Escape Mechanisms in Schistosomiasis
Survival and growth of infectious organisms in the face of the immune response mounted by their immunocompetent hosts is made possible through one of two strategies: one is to outrun rejection by fast replication and/or mutation, as observed in some bacterial or viral infections; the other is to impair development or expression of immunity so as to evade the deleterious consequences of the host’s counter-attack. Indeed, it is now recognized that in most infections, it is the infectious organism, that determines whether or not to allow itself to be rejected by immune effectors. This is clearly the case of parasites which in general induce chronic infections and are thus confronted for months and often years with the immune response that they have to maintain within limits compatible with both their own survival and that of their mammalian hosts. This leads in many instances to the refined elaboration in these organisms of a complex network of processes allowing them to escape the defence mechanisms of their host. Such a complexity gives the expression of immunity in parasitic diseases a dynamic aspect reflecting the permanent balance between effector and regulatory mechanisms (Capron and Dessaint, in press).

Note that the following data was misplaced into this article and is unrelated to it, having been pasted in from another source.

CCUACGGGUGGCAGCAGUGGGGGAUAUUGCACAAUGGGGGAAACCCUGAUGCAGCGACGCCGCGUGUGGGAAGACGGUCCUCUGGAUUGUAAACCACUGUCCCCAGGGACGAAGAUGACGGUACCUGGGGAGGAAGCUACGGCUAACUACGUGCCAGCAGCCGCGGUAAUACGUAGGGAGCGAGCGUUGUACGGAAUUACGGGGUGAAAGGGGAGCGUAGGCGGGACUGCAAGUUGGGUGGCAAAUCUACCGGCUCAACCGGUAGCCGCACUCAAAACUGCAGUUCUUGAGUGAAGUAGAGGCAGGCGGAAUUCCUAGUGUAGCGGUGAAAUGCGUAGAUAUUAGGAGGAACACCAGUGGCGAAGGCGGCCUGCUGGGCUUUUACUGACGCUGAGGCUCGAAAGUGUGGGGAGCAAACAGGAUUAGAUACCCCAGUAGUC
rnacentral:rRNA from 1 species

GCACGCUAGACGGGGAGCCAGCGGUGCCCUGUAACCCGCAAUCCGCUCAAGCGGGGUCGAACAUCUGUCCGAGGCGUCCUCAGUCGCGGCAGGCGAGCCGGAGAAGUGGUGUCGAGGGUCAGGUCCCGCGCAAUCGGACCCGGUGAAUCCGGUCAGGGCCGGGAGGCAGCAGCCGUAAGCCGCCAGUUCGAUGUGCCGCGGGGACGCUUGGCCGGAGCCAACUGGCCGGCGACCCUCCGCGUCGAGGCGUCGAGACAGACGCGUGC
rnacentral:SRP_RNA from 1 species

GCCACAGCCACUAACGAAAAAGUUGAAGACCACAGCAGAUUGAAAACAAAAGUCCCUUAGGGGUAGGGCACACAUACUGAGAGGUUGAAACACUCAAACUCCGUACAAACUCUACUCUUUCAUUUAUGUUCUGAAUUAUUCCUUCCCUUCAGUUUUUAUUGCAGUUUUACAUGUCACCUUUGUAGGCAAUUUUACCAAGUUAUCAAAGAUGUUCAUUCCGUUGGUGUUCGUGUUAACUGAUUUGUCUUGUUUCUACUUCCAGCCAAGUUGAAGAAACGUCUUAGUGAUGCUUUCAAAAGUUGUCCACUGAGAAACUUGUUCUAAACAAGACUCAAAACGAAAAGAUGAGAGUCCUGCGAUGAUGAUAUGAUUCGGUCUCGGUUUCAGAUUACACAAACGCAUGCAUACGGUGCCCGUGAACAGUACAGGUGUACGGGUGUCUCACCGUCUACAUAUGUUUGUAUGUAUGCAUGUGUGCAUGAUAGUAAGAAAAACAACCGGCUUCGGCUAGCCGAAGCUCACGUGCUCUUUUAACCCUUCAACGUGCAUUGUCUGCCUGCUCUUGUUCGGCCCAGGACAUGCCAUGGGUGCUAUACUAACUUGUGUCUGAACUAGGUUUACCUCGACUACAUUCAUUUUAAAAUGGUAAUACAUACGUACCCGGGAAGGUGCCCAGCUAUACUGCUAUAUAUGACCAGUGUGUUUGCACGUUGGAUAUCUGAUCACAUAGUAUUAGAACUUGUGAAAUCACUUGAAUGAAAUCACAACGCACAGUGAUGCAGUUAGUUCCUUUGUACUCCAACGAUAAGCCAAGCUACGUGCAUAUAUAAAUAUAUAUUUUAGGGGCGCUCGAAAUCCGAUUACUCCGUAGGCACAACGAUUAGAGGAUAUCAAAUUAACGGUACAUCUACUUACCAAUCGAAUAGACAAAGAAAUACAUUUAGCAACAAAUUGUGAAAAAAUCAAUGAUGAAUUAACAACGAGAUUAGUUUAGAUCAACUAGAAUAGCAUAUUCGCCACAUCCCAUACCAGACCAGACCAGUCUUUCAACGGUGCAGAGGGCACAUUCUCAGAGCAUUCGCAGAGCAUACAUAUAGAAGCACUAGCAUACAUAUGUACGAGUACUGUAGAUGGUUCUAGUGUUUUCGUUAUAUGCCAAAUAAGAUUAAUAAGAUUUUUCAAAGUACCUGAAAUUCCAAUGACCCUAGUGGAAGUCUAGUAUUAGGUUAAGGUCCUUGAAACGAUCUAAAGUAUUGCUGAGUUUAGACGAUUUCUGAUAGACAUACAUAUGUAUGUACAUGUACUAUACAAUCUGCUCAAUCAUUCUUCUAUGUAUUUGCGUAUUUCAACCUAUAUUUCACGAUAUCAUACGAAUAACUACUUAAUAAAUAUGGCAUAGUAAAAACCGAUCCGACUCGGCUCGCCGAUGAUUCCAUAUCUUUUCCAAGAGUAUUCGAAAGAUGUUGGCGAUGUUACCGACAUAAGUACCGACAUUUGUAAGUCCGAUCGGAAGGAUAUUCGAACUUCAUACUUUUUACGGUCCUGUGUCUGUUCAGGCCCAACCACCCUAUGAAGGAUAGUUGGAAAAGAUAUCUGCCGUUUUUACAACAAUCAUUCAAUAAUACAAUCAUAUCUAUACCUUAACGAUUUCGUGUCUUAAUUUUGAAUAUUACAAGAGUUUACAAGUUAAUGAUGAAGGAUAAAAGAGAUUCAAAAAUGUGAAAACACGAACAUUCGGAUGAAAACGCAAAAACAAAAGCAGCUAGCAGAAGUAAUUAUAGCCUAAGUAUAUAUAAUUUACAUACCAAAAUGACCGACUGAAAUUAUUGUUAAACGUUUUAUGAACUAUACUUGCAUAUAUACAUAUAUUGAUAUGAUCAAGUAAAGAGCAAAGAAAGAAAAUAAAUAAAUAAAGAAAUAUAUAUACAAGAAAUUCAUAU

KeywordsAdult Worm Molecular Mimicry Antibody Isotype Infected Snail Infectious Organism
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